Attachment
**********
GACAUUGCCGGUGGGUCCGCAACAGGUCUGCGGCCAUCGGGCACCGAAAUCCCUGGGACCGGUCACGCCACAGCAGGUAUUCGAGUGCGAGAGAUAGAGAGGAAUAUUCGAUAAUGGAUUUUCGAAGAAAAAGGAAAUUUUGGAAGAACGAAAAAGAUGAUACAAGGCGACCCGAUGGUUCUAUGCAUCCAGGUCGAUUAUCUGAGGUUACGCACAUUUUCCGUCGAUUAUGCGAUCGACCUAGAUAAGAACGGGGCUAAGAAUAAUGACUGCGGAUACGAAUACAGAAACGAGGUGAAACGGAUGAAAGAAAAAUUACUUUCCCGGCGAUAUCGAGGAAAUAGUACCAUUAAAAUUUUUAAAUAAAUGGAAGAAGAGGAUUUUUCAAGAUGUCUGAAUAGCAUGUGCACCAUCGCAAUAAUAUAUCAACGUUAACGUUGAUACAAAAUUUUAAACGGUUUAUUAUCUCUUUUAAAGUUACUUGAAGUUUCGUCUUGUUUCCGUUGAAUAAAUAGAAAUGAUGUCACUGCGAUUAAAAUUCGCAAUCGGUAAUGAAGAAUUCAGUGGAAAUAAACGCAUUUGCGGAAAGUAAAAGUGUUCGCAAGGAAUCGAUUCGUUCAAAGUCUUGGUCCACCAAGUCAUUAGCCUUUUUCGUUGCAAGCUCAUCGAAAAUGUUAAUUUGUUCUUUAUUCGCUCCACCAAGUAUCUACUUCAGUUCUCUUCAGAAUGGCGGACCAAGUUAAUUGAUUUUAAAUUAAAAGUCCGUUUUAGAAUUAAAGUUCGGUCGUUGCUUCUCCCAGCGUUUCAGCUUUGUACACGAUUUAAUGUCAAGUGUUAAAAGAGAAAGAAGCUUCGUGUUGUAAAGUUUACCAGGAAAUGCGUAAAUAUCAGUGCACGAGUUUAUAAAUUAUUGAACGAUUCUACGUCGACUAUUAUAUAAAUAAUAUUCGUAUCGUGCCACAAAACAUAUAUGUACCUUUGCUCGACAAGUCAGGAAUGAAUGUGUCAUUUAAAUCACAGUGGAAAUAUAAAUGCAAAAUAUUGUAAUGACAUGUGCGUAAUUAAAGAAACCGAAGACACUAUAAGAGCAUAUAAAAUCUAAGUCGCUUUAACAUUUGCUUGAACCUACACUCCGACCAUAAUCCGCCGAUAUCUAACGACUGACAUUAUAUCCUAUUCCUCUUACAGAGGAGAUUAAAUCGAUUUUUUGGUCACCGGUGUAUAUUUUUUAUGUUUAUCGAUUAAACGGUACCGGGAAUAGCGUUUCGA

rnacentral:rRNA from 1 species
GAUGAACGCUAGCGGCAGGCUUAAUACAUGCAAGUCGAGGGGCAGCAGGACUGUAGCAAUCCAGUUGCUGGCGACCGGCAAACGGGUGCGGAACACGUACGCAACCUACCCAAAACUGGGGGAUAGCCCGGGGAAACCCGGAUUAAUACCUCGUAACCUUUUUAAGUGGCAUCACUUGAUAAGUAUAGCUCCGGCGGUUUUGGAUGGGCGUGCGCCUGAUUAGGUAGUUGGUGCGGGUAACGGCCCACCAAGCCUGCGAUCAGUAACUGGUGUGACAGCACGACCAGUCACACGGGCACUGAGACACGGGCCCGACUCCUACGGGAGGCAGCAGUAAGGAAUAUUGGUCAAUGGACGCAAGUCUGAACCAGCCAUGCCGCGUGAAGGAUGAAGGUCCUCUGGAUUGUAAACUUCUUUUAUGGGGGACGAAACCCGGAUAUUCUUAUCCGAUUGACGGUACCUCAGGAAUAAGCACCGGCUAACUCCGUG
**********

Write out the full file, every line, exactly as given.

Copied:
GACAUUGCCGGUGGGUCCGCAACAGGUCUGCGGCCAUCGGGCACCGAAAUCCCUGGGACCGGUCACGCCACAGCAGGUAUUCGAGUGCGAGAGAUAGAGAGGAAUAUUCGAUAAUGGAUUUUCGAAGAAAAAGGAAAUUUUGGAAGAACGAAAAAGAUGAUACAAGGCGACCCGAUGGUUCUAUGCAUCCAGGUCGAUUAUCUGAGGUUACGCACAUUUUCCGUCGAUUAUGCGAUCGACCUAGAUAAGAACGGGGCUAAGAAUAAUGACUGCGGAUACGAAUACAGAAACGAGGUGAAACGGAUGAAAGAAAAAUUACUUUCCCGGCGAUAUCGAGGAAAUAGUACCAUUAAAAUUUUUAAAUAAAUGGAAGAAGAGGAUUUUUCAAGAUGUCUGAAUAGCAUGUGCACCAUCGCAAUAAUAUAUCAACGUUAACGUUGAUACAAAAUUUUAAACGGUUUAUUAUCUCUUUUAAAGUUACUUGAAGUUUCGUCUUGUUUCCGUUGAAUAAAUAGAAAUGAUGUCACUGCGAUUAAAAUUCGCAAUCGGUAAUGAAGAAUUCAGUGGAAAUAAACGCAUUUGCGGAAAGUAAAAGUGUUCGCAAGGAAUCGAUUCGUUCAAAGUCUUGGUCCACCAAGUCAUUAGCCUUUUUCGUUGCAAGCUCAUCGAAAAUGUUAAUUUGUUCUUUAUUCGCUCCACCAAGUAUCUACUUCAGUUCUCUUCAGAAUGGCGGACCAAGUUAAUUGAUUUUAAAUUAAAAGUCCGUUUUAGAAUUAAAGUUCGGUCGUUGCUUCUCCCAGCGUUUCAGCUUUGUACACGAUUUAAUGUCAAGUGUUAAAAGAGAAAGAAGCUUCGUGUUGUAAAGUUUACCAGGAAAUGCGUAAAUAUCAGUGCACGAGUUUAUAAAUUAUUGAACGAUUCUACGUCGACUAUUAUAUAAAUAAUAUUCGUAUCGUGCCACAAAACAUAUAUGUACCUUUGCUCGACAAGUCAGGAAUGAAUGUGUCAUUUAAAUCACAGUGGAAAUAUAAAUGCAAAAUAUUGUAAUGACAUGUGCGUAAUUAAAGAAACCGAAGACACUAUAAGAGCAUAUAAAAUCUAAGUCGCUUUAACAUUUGCUUGAACCUACACUCCGACCAUAAUCCGCCGAUAUCUAACGACUGACAUUAUAUCCUAUUCCUCUUACAGAGGAGAUUAAAUCGAUUUUUUGGUCACCGGUGUAUAUUUUUUAUGUUUAUCGAUUAAACGGUACCGGGAAUAGCGUUUCGA

rnacentral:rRNA from 1 species
GAUGAACGCUAGCGGCAGGCUUAAUACAUGCAAGUCGAGGGGCAGCAGGACUGUAGCAAUCCAGUUGCUGGCGACCGGCAAACGGGUGCGGAACACGUACGCAACCUACCCAAAACUGGGGGAUAGCCCGGGGAAACCCGGAUUAAUACCUCGUAACCUUUUUAAGUGGCAUCACUUGAUAAGUAUAGCUCCGGCGGUUUUGGAUGGGCGUGCGCCUGAUUAGGUAGUUGGUGCGGGUAACGGCCCACCAAGCCUGCGAUCAGUAACUGGUGUGACAGCACGACCAGUCACACGGGCACUGAGACACGGGCCCGACUCCUACGGGAGGCAGCAGUAAGGAAUAUUGGUCAAUGGACGCAAGUCUGAACCAGCCAUGCCGCGUGAAGGAUGAAGGUCCUCUGGAUUGUAAACUUCUUUUAUGGGGGACGAAACCCGGAUAUUCUUAUCCGAUUGACGGUACCUCAGGAAUAAGCACCGGCUAACUCCGUG